Using Products to Solve Problems with Google Product Manager

Using products to solve problems is the basic PM philosophy. Why do we need products? What do we use them for? Rakesh Goyal from Google talked at a recent event about how people don’t really want products, they want solutions to their problems. To solve problems, we need to think why and how we build because essentially products are for people.  

Product Manager at Google

Rakesh Goyal has been working at Google for 6+ years. Before that, he was in college studying Marketing. Having worked in various capacity – customer support/sales, software development, program management and currently, product management – he has seen product development through various lenses. He has been leading early-stage products and has seen them through experimentation, launches, successes, and failures.

People don’t want to buy a quarter-inch drill

They want a quarter inch hole. This is a profound insight. Customers don’t want products; they want solutions to their problems. All great products are built around profound insights. In a recent talk, Rakesh shared some examples of successful products and the foundational insight on which they were built. Through examples he talked about how you can develop an intuition for discovering foundational insights upon which you can build your next product.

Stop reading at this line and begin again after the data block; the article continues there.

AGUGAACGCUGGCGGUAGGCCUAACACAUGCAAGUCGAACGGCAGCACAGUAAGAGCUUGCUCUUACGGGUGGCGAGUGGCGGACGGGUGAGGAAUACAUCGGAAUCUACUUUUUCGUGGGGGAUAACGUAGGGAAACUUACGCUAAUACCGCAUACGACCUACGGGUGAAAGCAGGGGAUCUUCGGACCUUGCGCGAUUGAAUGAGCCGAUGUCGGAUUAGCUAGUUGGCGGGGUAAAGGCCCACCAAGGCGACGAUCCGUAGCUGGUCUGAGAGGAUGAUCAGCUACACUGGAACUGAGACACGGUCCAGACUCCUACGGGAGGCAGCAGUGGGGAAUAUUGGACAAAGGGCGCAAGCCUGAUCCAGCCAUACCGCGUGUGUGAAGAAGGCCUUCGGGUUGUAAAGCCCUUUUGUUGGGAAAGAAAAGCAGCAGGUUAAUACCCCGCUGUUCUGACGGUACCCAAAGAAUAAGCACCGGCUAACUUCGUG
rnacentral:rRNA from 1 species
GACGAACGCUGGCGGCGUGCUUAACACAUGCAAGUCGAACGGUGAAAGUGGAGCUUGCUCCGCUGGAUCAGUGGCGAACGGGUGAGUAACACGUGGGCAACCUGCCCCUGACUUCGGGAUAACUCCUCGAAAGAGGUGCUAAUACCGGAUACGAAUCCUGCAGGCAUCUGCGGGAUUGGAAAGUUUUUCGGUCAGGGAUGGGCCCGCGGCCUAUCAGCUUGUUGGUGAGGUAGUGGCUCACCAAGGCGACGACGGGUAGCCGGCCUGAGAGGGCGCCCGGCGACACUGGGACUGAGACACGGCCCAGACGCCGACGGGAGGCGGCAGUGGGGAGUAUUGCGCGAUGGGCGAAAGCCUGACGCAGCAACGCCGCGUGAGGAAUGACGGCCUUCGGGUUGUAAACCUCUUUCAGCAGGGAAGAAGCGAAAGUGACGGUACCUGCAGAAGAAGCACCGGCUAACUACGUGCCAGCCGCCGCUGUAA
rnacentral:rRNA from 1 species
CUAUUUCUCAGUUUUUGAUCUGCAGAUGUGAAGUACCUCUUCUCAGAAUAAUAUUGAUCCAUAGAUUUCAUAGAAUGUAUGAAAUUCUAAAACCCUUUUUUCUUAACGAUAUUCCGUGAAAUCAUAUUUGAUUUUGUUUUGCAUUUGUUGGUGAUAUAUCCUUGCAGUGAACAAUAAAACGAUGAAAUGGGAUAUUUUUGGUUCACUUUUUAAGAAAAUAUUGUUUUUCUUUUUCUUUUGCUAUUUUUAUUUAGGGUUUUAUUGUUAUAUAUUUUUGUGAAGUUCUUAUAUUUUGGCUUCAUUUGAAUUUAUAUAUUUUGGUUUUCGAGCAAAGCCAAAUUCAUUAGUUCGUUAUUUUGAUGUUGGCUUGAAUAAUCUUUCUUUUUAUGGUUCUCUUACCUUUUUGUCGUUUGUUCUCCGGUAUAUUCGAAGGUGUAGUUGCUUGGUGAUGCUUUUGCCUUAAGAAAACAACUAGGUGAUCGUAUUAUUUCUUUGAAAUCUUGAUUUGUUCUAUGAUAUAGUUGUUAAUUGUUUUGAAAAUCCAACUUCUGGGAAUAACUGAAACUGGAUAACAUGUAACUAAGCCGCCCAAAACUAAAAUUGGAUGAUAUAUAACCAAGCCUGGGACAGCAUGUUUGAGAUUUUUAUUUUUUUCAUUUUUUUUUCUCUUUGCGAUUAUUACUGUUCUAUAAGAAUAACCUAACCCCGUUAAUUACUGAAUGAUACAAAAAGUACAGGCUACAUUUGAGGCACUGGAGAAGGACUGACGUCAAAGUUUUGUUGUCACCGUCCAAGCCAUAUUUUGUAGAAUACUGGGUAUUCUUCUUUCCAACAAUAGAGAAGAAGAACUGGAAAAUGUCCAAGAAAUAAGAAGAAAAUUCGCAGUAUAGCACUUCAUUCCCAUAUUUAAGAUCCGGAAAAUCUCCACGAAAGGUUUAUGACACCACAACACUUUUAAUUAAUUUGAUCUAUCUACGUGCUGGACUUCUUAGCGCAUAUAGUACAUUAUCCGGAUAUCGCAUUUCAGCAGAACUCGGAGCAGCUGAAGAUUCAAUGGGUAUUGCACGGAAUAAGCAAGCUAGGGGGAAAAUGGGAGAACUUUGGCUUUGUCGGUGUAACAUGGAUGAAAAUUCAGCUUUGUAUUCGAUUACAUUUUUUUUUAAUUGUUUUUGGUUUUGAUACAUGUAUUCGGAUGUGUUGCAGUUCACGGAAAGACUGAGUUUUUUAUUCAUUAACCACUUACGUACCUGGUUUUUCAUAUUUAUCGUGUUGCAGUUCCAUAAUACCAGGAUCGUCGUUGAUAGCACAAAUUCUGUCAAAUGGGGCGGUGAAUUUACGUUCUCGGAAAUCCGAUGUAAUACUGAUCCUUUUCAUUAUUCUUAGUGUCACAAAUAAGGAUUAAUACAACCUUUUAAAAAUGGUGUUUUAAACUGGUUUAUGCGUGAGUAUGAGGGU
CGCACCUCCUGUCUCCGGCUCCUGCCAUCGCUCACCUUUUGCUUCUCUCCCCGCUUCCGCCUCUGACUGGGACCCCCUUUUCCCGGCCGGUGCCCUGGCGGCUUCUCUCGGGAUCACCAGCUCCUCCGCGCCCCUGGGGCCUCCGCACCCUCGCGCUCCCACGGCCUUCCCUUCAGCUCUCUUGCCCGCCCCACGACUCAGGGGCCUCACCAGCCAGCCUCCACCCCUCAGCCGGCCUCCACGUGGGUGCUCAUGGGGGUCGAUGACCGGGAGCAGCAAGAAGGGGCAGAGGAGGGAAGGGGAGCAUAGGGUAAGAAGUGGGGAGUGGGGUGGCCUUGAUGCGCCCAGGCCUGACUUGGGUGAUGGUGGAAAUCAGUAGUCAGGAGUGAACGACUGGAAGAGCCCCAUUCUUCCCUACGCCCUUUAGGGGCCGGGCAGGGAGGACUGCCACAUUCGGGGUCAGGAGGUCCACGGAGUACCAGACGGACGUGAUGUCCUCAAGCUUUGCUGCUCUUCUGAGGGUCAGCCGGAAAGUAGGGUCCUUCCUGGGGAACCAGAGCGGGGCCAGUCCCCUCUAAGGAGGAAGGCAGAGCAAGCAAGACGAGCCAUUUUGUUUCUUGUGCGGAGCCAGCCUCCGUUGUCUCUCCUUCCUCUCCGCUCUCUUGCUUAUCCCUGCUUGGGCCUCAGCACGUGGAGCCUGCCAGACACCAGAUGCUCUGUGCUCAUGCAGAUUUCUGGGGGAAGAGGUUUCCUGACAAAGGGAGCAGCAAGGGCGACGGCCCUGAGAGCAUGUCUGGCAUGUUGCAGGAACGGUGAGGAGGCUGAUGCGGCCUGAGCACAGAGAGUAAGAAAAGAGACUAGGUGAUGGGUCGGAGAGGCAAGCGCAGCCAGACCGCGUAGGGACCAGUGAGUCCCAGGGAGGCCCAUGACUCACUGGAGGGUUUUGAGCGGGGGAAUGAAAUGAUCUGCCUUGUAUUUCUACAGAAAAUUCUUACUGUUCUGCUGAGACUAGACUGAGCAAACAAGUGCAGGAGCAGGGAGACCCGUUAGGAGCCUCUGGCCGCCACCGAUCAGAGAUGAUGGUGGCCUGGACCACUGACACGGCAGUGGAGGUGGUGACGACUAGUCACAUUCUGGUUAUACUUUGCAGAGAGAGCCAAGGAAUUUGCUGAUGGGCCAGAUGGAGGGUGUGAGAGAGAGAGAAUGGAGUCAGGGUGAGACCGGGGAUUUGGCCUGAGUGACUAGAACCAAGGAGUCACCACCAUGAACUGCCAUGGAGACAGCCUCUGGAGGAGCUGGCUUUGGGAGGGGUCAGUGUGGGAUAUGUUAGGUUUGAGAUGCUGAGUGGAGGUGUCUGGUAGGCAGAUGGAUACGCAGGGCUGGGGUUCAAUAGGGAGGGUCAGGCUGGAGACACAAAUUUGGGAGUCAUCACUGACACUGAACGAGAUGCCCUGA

Solving Problems by Using Products with Google Product Manager

Key points:

  • Two important attributes that a Product Managers should have are leadership and product intuition.
  • Leadership:
    • The product manager is responsible for the overall end-to-end experience received by the user, such as the box the product is in, software and customer support.
    • A product manager needs to be able to make bold decisions and convince the others to see what he/she sees.
    • Guide the product in the right direction by prioritization.
  • Product intuition:
  • Snapchat example: teens needed to communicate without the adults seeing everything. Compared to Facebook, Snapchat is more personal. Facebook was designed for permanent and perfection-seeking content.
  • Airbnb example: people value homestay experience over the impersonal hotel. They are comfortable sleeping in “strangers’” houses and hosting others for less high prices. Airbnb neutralized the trust advantage of hotels.
  • Three ways to identify customers jobs
    • Jobs in your own life
    • Non consumption
    • Workarounds
  • 3 key things to address in your product
    • Current friction/struggle (e.g., SMS vs. free WhatsApp messages).
    • The anxiety of the unknown (trust in hotels vs. trust in Airbnb).
    • Current habits (phone calls vs. free WhatsApp calls).
  • Books to read more about the topic:

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